Within collectivist cultures, businesses should address ethical violations through a collectivist point of view. Instead of targeting an individual for a specific act of dishonesty, management should highlight the ways the group enabled the poor behavior. Doing so assigns responsibility for ethical actions upon the entire group. Likewise, management should praise the group for all positive ethical actions.

In high-power distance cultures, business leaders should communicate a willingness to accept critical dissent. During meetings, leaders should encourage subordinates to point out flaws in the leader’s actions, especially regarding ethical concerns. Individuals willing to publicly call out management must be praised in order promote similar action from other individuals in the group. In high-power distance cultures, implementing systems to collect anonymous feedback would help increase participation from workers who might fear retribution.

Government Regulation:  The Impact of SOX

The third major influence of ethical behavior within businesses involves government regulation. In the wake of the Enron scandal, the United States passed the Sarbanes-Oxley Act (SOX) intended to improve the conduct of higher management within corporations.[27] SOX requires board officers to sign off on financial statement accuracy, promote stricter rules for internal control, protect whistleblowers, and address conflict-of-interest issues among public auditors.[28] 

Aside from legal requirements, SOX also motivated corporations to promote a more ethical corporate culture. In the post-SOX era, businesses implemented better ethics training, increased transparency, and improved consistency in divulging reports.[29] Codes of conduct within firms were also restructured due to legal requirements and public pressure to change.[30] Government regulation must be part of a broad strategy to improve codes of conduct as privately implemented standards have proven ineffective at creating change.[31]

Of course, legal regulation alone does not guarantee corporate divulsion of fraud or other misconduct.[32] Nor does regulation force businesses to treat matters of ethics violations seriously. Workers learn from leaders’ examples, who reinforce negative or positive ethical social norms.[33] Likewise, good leaders also increase employee willingness to report unethical conduct.[34] In short, regulations like SOX are not enough to stop unethical conduct.[35] Management must complement the intent of the law by working to improve the ethics environment of a business.[36]


In brief, business ethics are not determined by individuals themselves. Macro-influences like sociological norms, national culture, and legal regulation all impact the degree of ethical compliance within corporations. If business leaders understand these macro-influences, they can influence individual action to increase ethical behavior within a firm. Improved ethics also improves the bottom line, fulfilling the primary purpose of any business.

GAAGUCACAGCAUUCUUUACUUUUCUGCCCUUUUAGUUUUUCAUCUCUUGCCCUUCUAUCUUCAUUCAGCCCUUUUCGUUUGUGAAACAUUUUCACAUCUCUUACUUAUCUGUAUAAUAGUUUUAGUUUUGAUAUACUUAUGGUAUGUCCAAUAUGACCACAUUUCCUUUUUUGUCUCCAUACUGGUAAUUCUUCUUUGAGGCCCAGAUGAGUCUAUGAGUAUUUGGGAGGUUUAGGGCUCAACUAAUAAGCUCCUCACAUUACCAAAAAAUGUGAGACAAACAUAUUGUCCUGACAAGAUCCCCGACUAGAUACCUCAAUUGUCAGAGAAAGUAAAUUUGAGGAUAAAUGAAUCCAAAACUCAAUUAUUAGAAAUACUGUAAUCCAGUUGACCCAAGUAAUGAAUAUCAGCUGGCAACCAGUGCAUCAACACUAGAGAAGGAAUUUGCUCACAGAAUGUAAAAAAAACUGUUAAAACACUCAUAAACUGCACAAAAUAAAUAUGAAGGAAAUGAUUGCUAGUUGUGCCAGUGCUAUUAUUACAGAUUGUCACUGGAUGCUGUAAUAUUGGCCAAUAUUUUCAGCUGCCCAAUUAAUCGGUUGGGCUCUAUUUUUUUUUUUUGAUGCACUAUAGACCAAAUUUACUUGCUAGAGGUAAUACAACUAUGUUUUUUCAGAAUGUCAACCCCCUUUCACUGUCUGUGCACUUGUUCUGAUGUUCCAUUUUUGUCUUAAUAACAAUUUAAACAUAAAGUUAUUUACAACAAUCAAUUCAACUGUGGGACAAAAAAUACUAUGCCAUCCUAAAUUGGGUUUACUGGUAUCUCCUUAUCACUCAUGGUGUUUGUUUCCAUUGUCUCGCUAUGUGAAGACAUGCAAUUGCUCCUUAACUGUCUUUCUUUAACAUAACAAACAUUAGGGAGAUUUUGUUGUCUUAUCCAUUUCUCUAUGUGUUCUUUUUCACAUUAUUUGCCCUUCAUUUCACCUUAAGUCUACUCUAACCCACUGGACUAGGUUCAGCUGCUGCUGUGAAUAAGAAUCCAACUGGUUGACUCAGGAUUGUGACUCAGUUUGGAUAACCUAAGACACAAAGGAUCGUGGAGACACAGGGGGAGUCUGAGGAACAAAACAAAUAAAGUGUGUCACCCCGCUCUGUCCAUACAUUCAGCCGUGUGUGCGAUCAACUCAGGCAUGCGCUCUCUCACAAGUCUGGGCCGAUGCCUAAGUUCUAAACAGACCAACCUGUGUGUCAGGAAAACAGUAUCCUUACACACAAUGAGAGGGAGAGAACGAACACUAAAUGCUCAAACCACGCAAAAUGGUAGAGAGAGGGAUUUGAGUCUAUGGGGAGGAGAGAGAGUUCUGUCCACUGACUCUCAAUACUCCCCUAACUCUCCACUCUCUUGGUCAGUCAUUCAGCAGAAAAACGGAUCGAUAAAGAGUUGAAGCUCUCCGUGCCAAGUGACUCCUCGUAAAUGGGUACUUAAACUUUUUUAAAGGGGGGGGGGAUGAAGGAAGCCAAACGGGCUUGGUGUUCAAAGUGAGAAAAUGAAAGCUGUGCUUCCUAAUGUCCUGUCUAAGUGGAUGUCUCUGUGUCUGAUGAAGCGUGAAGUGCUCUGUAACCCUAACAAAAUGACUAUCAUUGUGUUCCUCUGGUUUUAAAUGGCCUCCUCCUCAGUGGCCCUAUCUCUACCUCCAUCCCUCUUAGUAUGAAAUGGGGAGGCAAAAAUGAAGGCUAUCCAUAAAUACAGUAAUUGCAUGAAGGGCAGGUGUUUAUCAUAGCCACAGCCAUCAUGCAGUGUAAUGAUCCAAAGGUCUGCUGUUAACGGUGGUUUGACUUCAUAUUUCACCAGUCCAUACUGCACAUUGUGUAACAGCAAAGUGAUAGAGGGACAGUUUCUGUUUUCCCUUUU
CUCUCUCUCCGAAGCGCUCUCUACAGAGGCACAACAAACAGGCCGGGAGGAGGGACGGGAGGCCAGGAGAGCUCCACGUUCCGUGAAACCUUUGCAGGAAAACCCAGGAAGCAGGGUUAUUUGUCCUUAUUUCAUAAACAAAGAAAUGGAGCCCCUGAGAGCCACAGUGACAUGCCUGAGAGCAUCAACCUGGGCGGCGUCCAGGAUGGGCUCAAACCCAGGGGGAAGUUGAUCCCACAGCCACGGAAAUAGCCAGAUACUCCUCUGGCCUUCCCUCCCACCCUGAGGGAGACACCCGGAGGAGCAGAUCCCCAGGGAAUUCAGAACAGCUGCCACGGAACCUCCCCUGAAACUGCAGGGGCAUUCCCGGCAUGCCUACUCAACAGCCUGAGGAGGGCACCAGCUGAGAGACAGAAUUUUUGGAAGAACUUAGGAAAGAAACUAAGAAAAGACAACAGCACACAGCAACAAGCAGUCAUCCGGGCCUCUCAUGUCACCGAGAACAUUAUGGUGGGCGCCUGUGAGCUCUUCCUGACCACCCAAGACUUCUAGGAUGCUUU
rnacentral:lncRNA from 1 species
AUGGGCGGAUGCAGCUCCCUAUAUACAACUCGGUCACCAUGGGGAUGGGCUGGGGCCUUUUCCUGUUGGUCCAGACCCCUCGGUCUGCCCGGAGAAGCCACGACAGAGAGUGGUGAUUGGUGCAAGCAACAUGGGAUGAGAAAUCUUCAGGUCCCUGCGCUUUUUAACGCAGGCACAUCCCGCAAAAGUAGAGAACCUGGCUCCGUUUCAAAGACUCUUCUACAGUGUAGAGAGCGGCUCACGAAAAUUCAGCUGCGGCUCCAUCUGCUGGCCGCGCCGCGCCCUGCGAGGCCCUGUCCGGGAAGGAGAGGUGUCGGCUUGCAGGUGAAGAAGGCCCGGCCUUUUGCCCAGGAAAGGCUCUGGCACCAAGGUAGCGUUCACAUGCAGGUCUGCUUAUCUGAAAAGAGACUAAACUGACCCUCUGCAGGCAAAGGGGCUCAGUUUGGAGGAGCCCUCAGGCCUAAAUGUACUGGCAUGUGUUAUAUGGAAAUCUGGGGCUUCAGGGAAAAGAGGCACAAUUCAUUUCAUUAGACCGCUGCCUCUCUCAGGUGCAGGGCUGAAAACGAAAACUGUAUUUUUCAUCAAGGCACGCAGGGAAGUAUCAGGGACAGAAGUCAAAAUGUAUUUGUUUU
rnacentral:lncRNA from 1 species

Business ethics matter.           

[1] Mehdi Mili, Sami Gharbi, and Frederic Teulon, Business Ethics, Company Value and Ownership Structure (Journal of Management and Governance 2019), 3.

[2] Mili, Gharbi, and Teulon, Business Ethics, Company Value, 8.

[3] Ibid.

[4] Mili, Gharbi, and Tuelon, 4.

[5] Mary B. Curtis, Jeremy M. Vinson, Teresa L. Conover, Lorenzo Lucianetti, and Valentina Battista, National Culture and Ethical Judgement:  A Social Contract Approach to the Contrast of Ethical Decision Making by Accounting Professionals and Students from the U.S. and Italy (Journal of International Accounting Research 16, no. 2 Summer 2017), 104.

[6] Ryan P. Jacobson, Lisa A. Marchiondo, Kathryn J. L. Jacobson, and Jacqueline N. Hood The Synergistic Effect of Descriptive and Injunctive Norms: Perceptions on Counterproductive Work Behaviors (Journal of Business Ethics 08 2018), 2-3. doi:

[7] Jacobson, Marchiondo, Jacobson, and Hood The Synergistic Effect of Descriptive, 4.

[8] Wassili Lasarov and Stefan Hoffmann, Social Moral Licensing (Journal of Business Ethics 12 208), 4. doi:

[9] Lasarov and Hoffmann, Social Moral Licensing, 4.

[10]Jacobson, Marchiondo, Jacobson, and Hood, 3.

[11] Jacobson, Marchiondo, Jacobson, and Hood, 2. 

[12]Jacobson, Marchiondo, Jacobson, and Hood, 8-9. 

[14]Jacobson, Marchiondo, Jacobson, and Hood, 9. 

[15] Curtis, Vinson, Conover, Lucianetti, and Battista, National Culture and Ethical Judgement, 104.

[16] Florin Lucian Isac and Eugen Florin Remes, Culture and Business Ethics – A Comparative Perspective (Studia Universitatis “Vasile Goldis” Arad Seria Stiinte Economice 27:3 2017), 55. 

[17] Isac and Remes, Culture and Business, 56.

[18] Ibid.

[19] Bert Scholtens and Lammertjan Dam, Cultural Values and International Differences in Business Ethics (Journal of Business Ethics 75 no. 3 October 2007), 281.

[20] Isac and Remes, 56.


[22] Ibid.

[23] Ibid.

[24] Isac and Remes, 56-57.

[25] Ibid.

[26] Scholtens and Dam, Cultural Values and International, 281.

[27] Irene M. Gordon and Jamal A. Nazari, Review of SOX in the Business Ethics Literature (Managerial Auditing Journal 33 5 2018), 470. doi: 

[28] Gordan and Nazari, Review of SOX, 470-471.

[29] Gordon and Nazari, 484 and 490.

[30] Gordan and Nazari, 484.

[31] Gordan and Nazari, 484. 

[32] Gordan and Nazari, 490. 

[33] Jacobson, Marchiondo, Jacobson, and Hood, 16.

[34] Gordan and Nazari, 490. 

[35] Gordan and Nazari, 474.

[36] Gordan and Nazari, 490.

Leave a Reply

Your email address will not be published. Required fields are marked *